Talking About Personal Injury Cases

Four Ways To Document Your Expenses Following A Personal Injury

Posted by on Sep 26, 2016 in Uncategorized | Comments Off on Four Ways To Document Your Expenses Following A Personal Injury

If you have been injured in an accident due to the negligence of others, you may be entitled to compensation. This compensation should include reimbursement for any medical bills that you have had to pay as a result of the accident, but many times when it comes time to settle such a claim, people have difficulty remembering all of the expenses they have incurred. This could easily result in you not receiving reimbursement or you payment for these expenses out of your own pocket, but it could also cause the insurance company, or person who is having to pay the bills, to question the extent of your injuries. Fortunately, there are some relatively easy ways to document your expenses. Take Photographs/Shoot Video There is an old saying that “a picture is worth a thousand words.” Studies have shown that 65% of the population are visual learners. This means that they take in more information when they are able to see the images that are being described than if they are only able to hear the information. In addition to being able to better process the information, visuals also allow the receivers to do the following: Retain the information longer Process information faster Concentrate on the information Evoke emotions Studies have shown that 90% of all information that is transmitted to the brain is done so through visual means. Thankfully, most people have the ability to shoot clear pictures and videos through your personal mobile phone. Although, as the injured party, you may not be in a position to immediately record the scene of the accident, you can ask someone who is with you to do so. This will help to show the following: The circumstances that caused the accident The weather conditions during the accident Injuries incurred as a result of the accident Other mitigating circumstances surrounding the accident and more You may even find that, in reviewing pictures or video that was shot during or after your accident, you are even able to recall more pertaining to what happened and how it happened. If there seems to be no video or pictures taken at the scene of your accident, there may be other avenues to collect such information. Others may have video that you don’t know exist. Request this information through social media or by posting flyers around the scene of the accident. If it was a traffic accident, look around to see if there are any traffic cameras that may have recorded the event. Save Your Evidence Save anything and everything that pertains to your accident. This should include torn clothing, damaged property, and more. Make sure that you request that the hospital does not dispose of these items, especially if they have to be cut off of you in the emergency room or during your treatment. Request Your Medical Records Although your personal injury attorney will likely request a copy of your records directly from the hospital, you need to request a copy of your records as soon as your treatment is complete. Review your records for accuracy once you receive them. A simple error contained within your record omitting an injury, a required treatment, or referrals could cost you when it comes time to settle. Even something as simple as your medical record indicating that...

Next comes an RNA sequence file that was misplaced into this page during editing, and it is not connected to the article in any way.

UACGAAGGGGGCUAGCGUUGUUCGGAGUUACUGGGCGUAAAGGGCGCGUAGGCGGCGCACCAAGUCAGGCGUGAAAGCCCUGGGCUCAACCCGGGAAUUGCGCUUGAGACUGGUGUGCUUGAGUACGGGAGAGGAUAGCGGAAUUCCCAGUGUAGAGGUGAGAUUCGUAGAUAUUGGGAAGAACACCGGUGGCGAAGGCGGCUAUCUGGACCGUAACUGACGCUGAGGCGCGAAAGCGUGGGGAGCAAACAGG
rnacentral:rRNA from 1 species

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Don’t Become A Drowsy Driving Statistic